A picture of the book Sit, Stay, Heal.

The amazing Dr. Renee Alsarraf graced us with an interview, and we are very excited to share it with you! Dr. Alsarraf is an oncologist who works with dogs dealing with cancer. She is also the author of one of the books I read for my reading challenge, “Sit, Stay, Heal,” which is a fantastic memoir about her treating dogs while also battling her own cancer.

We asked Dr. Alsarraf the following questions about her life, her book, and yes, chihuahuas! We are so grateful such an amazing author had time for All Things Chihuahua.

This interview will be written in a slightly different style, since it was over the phone the quotes are approximate based off my memory and notes.

How is everyone post-memoir?

Our first question was of course, “How are you? How are the dogs?”

We are so proud to report that Dr. Alsarraf is doing well, and her own oncologist used a different “C” word. C-u-r-e!!! We are so pleased to hear this, that Dr. Alsarraf is doing well, and that her current dog, Rusty, is also doing great!

Are Turkey Tails a Common Treatment?

When our own dog went through a cancer scare, our oncologist recommended turkey tails as a treatment. When I read the book, I was surprised to read that this supplement wasn’t used in the book.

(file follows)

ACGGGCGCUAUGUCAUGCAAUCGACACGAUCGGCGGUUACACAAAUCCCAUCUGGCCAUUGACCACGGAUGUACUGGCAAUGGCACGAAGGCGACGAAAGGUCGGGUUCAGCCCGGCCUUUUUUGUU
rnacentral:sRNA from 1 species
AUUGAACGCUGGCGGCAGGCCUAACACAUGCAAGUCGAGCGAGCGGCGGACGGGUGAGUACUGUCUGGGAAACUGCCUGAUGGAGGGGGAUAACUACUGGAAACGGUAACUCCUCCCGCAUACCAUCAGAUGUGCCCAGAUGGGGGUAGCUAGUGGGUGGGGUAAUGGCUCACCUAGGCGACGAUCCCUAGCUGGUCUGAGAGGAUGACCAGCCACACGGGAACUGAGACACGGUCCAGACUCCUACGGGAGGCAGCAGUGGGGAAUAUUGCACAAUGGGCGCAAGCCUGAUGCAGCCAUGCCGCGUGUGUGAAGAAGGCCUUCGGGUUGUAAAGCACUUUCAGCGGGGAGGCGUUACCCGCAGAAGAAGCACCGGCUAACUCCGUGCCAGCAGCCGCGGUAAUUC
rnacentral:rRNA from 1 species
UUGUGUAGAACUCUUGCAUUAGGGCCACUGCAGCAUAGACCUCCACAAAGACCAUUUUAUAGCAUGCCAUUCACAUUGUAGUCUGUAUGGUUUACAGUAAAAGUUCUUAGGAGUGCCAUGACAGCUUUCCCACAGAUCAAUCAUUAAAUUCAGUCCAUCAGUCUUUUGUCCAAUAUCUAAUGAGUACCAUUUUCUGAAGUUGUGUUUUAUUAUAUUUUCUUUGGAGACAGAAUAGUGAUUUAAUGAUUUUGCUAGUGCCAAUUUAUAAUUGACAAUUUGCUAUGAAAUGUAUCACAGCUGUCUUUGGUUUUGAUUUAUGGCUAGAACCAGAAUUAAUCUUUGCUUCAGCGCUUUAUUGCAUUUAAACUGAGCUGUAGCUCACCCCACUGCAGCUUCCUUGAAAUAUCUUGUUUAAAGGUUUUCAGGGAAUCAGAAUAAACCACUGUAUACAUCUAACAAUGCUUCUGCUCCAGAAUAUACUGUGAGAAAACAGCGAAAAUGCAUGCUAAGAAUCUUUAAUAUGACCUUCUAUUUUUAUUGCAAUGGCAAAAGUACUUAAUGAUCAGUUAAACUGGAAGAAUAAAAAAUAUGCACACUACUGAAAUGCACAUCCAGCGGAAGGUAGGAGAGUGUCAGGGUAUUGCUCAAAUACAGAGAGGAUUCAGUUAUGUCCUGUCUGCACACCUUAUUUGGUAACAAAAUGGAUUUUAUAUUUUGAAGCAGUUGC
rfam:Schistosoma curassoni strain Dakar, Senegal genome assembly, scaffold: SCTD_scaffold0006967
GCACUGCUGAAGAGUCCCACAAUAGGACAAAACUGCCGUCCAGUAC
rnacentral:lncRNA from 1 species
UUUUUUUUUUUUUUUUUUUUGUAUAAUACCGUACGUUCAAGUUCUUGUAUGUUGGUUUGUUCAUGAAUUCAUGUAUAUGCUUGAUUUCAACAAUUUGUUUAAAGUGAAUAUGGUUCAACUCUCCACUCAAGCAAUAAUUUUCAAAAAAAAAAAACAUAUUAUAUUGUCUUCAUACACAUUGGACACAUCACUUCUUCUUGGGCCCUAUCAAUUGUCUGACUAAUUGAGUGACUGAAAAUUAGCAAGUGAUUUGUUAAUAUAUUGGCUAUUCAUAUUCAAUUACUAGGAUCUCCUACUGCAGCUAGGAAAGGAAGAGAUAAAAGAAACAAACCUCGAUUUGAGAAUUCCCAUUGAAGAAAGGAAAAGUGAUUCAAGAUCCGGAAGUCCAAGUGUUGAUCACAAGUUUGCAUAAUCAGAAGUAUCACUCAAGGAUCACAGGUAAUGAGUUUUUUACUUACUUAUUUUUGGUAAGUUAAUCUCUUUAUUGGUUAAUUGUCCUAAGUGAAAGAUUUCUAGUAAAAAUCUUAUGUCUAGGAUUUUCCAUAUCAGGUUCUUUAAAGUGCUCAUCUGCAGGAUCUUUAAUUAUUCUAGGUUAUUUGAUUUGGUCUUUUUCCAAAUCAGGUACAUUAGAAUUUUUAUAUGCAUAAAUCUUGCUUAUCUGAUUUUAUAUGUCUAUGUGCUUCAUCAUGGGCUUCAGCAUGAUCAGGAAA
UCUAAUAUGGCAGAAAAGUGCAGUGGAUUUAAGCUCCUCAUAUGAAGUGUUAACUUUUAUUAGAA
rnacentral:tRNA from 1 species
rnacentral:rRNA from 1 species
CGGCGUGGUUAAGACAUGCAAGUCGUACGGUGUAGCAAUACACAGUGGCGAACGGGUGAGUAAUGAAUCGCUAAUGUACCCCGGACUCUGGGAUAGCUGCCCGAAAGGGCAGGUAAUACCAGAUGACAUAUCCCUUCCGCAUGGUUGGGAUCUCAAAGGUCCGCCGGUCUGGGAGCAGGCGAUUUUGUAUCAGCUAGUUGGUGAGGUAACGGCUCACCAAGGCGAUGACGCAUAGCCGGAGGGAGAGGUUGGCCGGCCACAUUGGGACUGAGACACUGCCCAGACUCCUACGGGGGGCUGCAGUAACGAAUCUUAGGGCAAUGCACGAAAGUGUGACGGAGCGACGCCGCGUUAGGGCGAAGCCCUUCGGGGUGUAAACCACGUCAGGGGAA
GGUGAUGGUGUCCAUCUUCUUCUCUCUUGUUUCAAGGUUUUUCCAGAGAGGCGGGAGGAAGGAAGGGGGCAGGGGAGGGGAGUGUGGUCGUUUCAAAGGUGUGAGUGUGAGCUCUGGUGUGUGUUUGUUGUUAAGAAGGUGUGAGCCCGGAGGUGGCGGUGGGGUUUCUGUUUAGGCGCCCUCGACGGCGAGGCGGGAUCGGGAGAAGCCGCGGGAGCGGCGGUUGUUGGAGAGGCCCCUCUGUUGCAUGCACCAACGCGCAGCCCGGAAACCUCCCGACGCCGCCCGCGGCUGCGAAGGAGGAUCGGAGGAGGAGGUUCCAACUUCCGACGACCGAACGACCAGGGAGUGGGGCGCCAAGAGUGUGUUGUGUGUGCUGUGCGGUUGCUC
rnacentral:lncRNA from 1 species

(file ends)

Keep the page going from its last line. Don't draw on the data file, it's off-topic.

I asked Dr. Alsarraf about this, and she said turkey tails are great! The memoir is a snapshot of a point in time when research wasn’t readily available about it. There were also changes in cancer treatment Dr. Alsarraf made footnotes about, since treatments change as new knowledge becomes available.

More about the Webinars Dr. Alsarraf Does

If you read Sit, Stay, Heal, it’s evident how invested Dr. Alsarraf is in her canine patients. That care even extends beyond her own patients, to helping other veterinarians understand canine cancer better. She has provided over 150 webinars for veterinarians around the world.

She has also graciously shared her time on NPR, Good Morning America, and so many other venues.

Questions We Had to Ask

Since this is a chihuahua blog, it makes sense to ask Dr. Alsarraf about chihuahuas. Thankfully, chihuahuas aren’t a terribly common breed in her practice. The most common types of cancer she has personally seen in chihuahuas are Lymphoma and mammary gland tumors. Less common but still there would be mast cells like the kind Sandy had.

So what should we look out for in our pups? Any new lump or bump should be checked out by a vet. Increasing appetite but decreasing weight, lethargy, drinking more water or urinating more could all be early signs of cancer.

That’s all we covered in our interview with Dr. Alsarraf. We hope you enjoyed reading it, and definitely check out her book, Sit, Stay, Heal!

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By Andrea

Andrea is a dedicated dog mom of three chihuahuas. She has over a decade of experience as a dog groomer, chihuahua owner, and more recently as a dog trainer. She loves all things canine, particularly chihuahuas.

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